Right after the damn is pulled free, you see this. It's pretty clean. You can pull away the rest of the silicone or even paint right over it (if it's the paintable type)

Itsunagi seems pleased so far. The river will hold a lot of bodies.

Monday, April 13, 2015

Bushido: WIP Board Part 2 (Resin River)


In part 1 of this build I showed how I rehabbed an old board as a sketch for new water techniques through the assembly of a large river section.

Now, in part 2, I wanted to show some WIP pics of the refinishing and painting of the riverbed and the prep for the resin pour, then, the initial resin pour itself.

As mentioned in Part 1, I added rocks and grit, then sponge painted the rocks, using earth tones. I added some washes to the riverbed itself for some contrasts. If you try this you will notice that what is understated painting without resin becomes very prominent under the lustre of gloss resin. If you have painted a miniature somewhat matte and then gloss sealed it then you know what I mean. Saturation and contrast bumps up a few notches so it is best to be subtle.


In this pic we see the Duralar and foam core "dams" that will be used to form the resin. My method uses Duralar facing the resin, backed by thick foam core and attached/sealed with clear silicone. Especially with deep resin pours, the outgassing process will force the hot, molten resin into every nook and cranny on your board and if it hits foam then the gassing becomes dramatic. Whatever silicone remains attached to the resin after the removal of the dams can either be left or scrapped away.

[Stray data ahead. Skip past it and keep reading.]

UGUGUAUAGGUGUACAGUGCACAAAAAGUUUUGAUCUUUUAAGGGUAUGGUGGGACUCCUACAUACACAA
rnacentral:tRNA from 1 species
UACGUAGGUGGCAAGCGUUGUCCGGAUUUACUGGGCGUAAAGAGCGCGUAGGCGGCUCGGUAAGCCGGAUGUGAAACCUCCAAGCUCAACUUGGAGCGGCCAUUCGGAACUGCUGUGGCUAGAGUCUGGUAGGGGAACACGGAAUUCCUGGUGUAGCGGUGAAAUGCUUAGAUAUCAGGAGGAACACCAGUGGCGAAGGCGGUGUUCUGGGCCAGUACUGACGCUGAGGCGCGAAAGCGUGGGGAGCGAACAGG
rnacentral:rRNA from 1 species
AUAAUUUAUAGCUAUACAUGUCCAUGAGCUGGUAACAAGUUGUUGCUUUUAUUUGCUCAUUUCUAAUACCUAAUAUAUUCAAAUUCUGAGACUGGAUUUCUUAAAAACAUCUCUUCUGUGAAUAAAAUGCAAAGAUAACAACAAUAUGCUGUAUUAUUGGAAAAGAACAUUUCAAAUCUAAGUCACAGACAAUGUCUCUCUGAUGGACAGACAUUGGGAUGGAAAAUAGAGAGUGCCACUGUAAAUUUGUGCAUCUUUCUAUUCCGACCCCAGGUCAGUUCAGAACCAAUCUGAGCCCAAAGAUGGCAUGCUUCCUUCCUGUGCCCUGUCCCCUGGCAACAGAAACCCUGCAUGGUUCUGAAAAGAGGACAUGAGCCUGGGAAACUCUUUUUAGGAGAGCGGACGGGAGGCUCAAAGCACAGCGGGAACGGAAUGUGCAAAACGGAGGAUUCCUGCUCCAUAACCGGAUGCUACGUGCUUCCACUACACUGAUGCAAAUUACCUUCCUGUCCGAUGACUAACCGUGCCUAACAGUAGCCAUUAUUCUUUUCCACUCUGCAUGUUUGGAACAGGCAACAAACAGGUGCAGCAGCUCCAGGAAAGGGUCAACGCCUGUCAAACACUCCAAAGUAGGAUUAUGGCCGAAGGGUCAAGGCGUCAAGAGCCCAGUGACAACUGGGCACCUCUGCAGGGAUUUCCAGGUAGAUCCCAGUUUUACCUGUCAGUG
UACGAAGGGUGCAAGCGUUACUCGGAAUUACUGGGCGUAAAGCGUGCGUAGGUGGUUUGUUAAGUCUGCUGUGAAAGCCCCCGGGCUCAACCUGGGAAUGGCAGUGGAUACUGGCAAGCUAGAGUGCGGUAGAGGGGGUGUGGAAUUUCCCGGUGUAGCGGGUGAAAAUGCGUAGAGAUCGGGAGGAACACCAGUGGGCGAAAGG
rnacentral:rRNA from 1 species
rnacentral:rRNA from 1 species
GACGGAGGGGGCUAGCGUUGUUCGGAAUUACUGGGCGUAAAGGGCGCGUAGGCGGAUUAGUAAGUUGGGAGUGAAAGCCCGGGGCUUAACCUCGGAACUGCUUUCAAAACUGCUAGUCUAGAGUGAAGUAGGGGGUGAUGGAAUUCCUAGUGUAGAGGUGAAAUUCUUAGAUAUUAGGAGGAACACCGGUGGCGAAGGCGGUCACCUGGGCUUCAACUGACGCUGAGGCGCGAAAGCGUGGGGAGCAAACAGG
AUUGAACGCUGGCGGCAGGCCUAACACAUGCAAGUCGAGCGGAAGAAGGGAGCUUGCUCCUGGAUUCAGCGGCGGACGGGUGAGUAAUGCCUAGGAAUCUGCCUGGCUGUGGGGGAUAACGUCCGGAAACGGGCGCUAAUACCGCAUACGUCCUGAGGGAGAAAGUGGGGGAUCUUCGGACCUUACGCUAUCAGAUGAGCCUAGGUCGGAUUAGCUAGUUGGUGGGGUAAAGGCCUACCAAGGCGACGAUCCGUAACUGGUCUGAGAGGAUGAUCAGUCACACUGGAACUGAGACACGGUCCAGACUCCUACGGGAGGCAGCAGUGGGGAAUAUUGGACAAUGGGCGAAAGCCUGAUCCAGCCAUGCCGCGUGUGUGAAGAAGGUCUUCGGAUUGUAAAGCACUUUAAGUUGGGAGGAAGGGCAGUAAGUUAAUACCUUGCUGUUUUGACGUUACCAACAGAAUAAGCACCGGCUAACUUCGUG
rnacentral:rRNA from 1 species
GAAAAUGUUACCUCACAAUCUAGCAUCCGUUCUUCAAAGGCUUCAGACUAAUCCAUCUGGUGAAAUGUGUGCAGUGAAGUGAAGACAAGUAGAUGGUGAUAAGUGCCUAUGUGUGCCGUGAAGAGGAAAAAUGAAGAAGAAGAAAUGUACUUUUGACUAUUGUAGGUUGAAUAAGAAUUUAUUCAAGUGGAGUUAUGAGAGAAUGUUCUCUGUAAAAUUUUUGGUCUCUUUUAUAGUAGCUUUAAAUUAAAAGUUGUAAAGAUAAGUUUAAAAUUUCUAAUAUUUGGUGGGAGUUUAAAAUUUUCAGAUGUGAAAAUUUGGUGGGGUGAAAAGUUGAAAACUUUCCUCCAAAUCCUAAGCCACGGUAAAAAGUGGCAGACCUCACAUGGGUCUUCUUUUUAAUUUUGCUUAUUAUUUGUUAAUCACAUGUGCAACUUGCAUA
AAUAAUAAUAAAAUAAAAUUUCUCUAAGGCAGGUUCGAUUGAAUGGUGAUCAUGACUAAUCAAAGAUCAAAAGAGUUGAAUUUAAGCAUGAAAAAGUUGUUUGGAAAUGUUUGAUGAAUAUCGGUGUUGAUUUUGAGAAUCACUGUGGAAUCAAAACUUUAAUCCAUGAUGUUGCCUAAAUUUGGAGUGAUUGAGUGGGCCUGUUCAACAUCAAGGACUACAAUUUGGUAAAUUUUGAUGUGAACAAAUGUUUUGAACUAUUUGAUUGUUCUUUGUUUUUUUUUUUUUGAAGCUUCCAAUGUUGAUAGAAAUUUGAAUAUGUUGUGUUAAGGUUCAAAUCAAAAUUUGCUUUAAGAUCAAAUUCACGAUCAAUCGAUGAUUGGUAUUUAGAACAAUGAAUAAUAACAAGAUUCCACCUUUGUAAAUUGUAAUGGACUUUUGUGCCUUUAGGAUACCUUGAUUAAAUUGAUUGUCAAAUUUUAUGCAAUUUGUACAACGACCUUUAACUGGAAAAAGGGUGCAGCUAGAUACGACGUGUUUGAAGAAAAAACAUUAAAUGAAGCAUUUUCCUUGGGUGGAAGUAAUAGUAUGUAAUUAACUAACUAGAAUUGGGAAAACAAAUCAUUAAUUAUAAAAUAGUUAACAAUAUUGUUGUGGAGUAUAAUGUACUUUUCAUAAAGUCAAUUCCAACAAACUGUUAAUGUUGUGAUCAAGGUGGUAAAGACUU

Here is the dam on the other side of the board.

Here is the first resin pour. This board took more than 33oz.of resin  for the entire length and even then I had to fill in the other end in this picture after this first pour with another smaller pour. Note the finished dock, I seated this using clear silicone. The legs, or footers, are attached to the floor of the river bed with silicone which is a great adhesive that is strong, yet is near-invisible in resin and as importantly, won't bleed or be attacked by the resin's chemical reaction.
Another view of the dam and dock section. This is the deepest water on the board, hence the dock for boats.

Some riverbed painting detail. If you texture it right, the painting is easy and natural. See part one for a description of materials used.
Here is the whole board curing, with a large plexiglass cover to ward off dust.
Checking out the boat with the dock, after the resin has cured. It takes about 24rs for a thorough enough cure for this sort of horseplay but it was fun to put down some figs and see how it is all coming together. Note that I kept all scenery away though, the resin has set and was not impressionable but it could still catch flock and adhere it. Resin is weird. Note the bubble trails from gassing, likely from inside the rocks themselves.



A WIP sampan on a WIP board.

 So that is it for this update. I will be back after I remove the dams, finish the facings on the board, add wave elements to the water and flock. After that, I need to finish the aquarium bridge below for the board set, using Apoxy Sculpt and a little ingenuity.

This set up is the board before the riverbed painting and resin. I wanted to see how the other terrain elements I have been making matched the feel of the board. So far so good I think. Chiyo seems to like it.